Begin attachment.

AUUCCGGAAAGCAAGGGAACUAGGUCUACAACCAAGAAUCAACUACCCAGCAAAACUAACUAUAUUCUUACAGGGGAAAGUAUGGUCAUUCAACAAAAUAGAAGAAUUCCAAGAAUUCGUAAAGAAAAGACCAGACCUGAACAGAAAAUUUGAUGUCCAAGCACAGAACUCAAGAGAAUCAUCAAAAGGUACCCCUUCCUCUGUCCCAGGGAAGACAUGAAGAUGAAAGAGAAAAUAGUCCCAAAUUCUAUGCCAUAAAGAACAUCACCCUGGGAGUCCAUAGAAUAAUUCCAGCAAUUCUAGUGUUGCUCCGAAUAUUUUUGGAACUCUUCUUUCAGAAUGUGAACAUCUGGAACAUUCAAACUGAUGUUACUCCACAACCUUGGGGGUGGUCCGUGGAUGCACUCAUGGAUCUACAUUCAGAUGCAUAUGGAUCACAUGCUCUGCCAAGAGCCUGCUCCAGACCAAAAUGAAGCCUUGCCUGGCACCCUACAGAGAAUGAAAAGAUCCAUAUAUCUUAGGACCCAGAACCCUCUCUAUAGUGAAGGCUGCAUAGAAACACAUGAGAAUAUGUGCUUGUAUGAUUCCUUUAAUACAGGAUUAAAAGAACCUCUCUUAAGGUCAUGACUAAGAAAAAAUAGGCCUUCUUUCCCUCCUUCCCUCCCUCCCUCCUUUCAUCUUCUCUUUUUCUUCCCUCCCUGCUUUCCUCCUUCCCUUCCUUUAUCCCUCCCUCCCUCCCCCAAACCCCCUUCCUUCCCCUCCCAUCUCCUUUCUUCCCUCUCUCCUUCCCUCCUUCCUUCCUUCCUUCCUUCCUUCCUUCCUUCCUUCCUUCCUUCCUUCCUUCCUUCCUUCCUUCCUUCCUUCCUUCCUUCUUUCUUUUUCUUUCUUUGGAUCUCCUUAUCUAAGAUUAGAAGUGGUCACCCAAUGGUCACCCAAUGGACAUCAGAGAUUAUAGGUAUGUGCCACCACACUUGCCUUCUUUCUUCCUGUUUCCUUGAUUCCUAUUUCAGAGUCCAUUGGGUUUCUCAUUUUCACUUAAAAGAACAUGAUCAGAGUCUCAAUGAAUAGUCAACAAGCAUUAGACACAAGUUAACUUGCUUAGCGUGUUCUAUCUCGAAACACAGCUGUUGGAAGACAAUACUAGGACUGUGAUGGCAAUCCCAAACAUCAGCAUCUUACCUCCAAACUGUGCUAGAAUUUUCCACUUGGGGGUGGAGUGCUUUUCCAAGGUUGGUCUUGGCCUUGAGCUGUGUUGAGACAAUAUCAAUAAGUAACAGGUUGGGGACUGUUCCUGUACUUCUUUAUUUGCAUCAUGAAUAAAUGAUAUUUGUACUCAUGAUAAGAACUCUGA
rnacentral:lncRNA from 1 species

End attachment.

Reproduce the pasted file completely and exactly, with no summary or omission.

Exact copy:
AUUCCGGAAAGCAAGGGAACUAGGUCUACAACCAAGAAUCAACUACCCAGCAAAACUAACUAUAUUCUUACAGGGGAAAGUAUGGUCAUUCAACAAAAUAGAAGAAUUCCAAGAAUUCGUAAAGAAAAGACCAGACCUGAACAGAAAAUUUGAUGUCCAAGCACAGAACUCAAGAGAAUCAUCAAAAGGUACCCCUUCCUCUGUCCCAGGGAAGACAUGAAGAUGAAAGAGAAAAUAGUCCCAAAUUCUAUGCCAUAAAGAACAUCACCCUGGGAGUCCAUAGAAUAAUUCCAGCAAUUCUAGUGUUGCUCCGAAUAUUUUUGGAACUCUUCUUUCAGAAUGUGAACAUCUGGAACAUUCAAACUGAUGUUACUCCACAACCUUGGGGGUGGUCCGUGGAUGCACUCAUGGAUCUACAUUCAGAUGCAUAUGGAUCACAUGCUCUGCCAAGAGCCUGCUCCAGACCAAAAUGAAGCCUUGCCUGGCACCCUACAGAGAAUGAAAAGAUCCAUAUAUCUUAGGACCCAGAACCCUCUCUAUAGUGAAGGCUGCAUAGAAACACAUGAGAAUAUGUGCUUGUAUGAUUCCUUUAAUACAGGAUUAAAAGAACCUCUCUUAAGGUCAUGACUAAGAAAAAAUAGGCCUUCUUUCCCUCCUUCCCUCCCUCCCUCCUUUCAUCUUCUCUUUUUCUUCCCUCCCUGCUUUCCUCCUUCCCUUCCUUUAUCCCUCCCUCCCUCCCCCAAACCCCCUUCCUUCCCCUCCCAUCUCCUUUCUUCCCUCUCUCCUUCCCUCCUUCCUUCCUUCCUUCCUUCCUUCCUUCCUUCCUUCCUUCCUUCCUUCCUUCCUUCCUUCCUUCCUUCCUUCCUUCCUUCUUUCUUUUUCUUUCUUUGGAUCUCCUUAUCUAAGAUUAGAAGUGGUCACCCAAUGGUCACCCAAUGGACAUCAGAGAUUAUAGGUAUGUGCCACCACACUUGCCUUCUUUCUUCCUGUUUCCUUGAUUCCUAUUUCAGAGUCCAUUGGGUUUCUCAUUUUCACUUAAAAGAACAUGAUCAGAGUCUCAAUGAAUAGUCAACAAGCAUUAGACACAAGUUAACUUGCUUAGCGUGUUCUAUCUCGAAACACAGCUGUUGGAAGACAAUACUAGGACUGUGAUGGCAAUCCCAAACAUCAGCAUCUUACCUCCAAACUGUGCUAGAAUUUUCCACUUGGGGGUGGAGUGCUUUUCCAAGGUUGGUCUUGGCCUUGAGCUGUGUUGAGACAAUAUCAAUAAGUAACAGGUUGGGGACUGUUCCUGUACUUCUUUAUUUGCAUCAUGAAUAAAUGAUAUUUGUACUCAUGAUAAGAACUCUGA
rnacentral:lncRNA from 1 species